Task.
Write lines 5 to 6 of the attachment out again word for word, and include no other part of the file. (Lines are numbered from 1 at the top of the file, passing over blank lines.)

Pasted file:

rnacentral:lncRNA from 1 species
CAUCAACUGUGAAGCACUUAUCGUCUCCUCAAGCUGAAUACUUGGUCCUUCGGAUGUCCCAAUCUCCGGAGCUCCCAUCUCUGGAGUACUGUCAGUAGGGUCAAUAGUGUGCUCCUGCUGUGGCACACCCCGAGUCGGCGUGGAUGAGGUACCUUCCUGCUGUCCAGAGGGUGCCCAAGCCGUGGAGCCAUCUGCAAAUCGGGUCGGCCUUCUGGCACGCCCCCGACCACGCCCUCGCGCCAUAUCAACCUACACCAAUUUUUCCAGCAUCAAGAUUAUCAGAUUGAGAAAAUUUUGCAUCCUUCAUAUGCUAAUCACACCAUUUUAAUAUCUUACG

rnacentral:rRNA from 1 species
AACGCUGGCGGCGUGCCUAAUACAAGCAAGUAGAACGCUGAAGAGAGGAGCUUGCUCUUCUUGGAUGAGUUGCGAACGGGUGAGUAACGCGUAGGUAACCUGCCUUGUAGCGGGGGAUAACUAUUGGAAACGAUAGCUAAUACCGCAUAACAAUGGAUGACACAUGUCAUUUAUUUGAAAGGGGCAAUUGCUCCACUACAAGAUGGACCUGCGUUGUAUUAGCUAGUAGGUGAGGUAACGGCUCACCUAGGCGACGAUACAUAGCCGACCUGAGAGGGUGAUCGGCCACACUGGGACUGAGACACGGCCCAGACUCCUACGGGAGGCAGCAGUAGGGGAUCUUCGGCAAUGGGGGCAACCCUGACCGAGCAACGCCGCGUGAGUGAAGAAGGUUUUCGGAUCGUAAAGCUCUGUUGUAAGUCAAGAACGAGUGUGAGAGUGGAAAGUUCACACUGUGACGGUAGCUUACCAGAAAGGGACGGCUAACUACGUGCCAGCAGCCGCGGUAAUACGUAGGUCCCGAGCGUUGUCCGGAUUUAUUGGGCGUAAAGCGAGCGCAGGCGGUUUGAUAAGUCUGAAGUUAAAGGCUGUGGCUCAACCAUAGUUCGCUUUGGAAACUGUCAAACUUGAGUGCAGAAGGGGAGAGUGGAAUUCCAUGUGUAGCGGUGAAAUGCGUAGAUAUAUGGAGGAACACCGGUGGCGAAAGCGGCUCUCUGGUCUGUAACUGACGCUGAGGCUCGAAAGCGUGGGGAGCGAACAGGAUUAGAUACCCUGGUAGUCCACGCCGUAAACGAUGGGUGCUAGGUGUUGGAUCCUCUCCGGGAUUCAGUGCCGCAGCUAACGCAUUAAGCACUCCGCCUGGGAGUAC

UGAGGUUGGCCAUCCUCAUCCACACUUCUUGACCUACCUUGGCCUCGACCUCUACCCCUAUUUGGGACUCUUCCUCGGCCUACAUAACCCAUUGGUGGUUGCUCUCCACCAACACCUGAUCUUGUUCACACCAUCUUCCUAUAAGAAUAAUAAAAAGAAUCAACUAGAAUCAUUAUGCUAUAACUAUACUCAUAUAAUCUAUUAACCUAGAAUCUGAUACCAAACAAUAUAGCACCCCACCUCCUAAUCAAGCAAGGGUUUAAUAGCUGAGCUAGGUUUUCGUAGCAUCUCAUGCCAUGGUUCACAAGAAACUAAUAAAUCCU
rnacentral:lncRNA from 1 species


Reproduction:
UGAGGUUGGCCAUCCUCAUCCACACUUCUUGACCUACCUUGGCCUCGACCUCUACCCCUAUUUGGGACUCUUCCUCGGCCUACAUAACCCAUUGGUGGUUGCUCUCCACCAACACCUGAUCUUGUUCACACCAUCUUCCUAUAAGAAUAAUAAAAAGAAUCAACUAGAAUCAUUAUGCUAUAACUAUACUCAUAUAAUCUAUUAACCUAGAAUCUGAUACCAAACAAUAUAGCACCCCACCUCCUAAUCAAGCAAGGGUUUAAUAGCUGAGCUAGGUUUUCGUAGCAUCUCAUGCCAUGGUUCACAAGAAACUAAUAAAUCCU
rnacentral:lncRNA from 1 species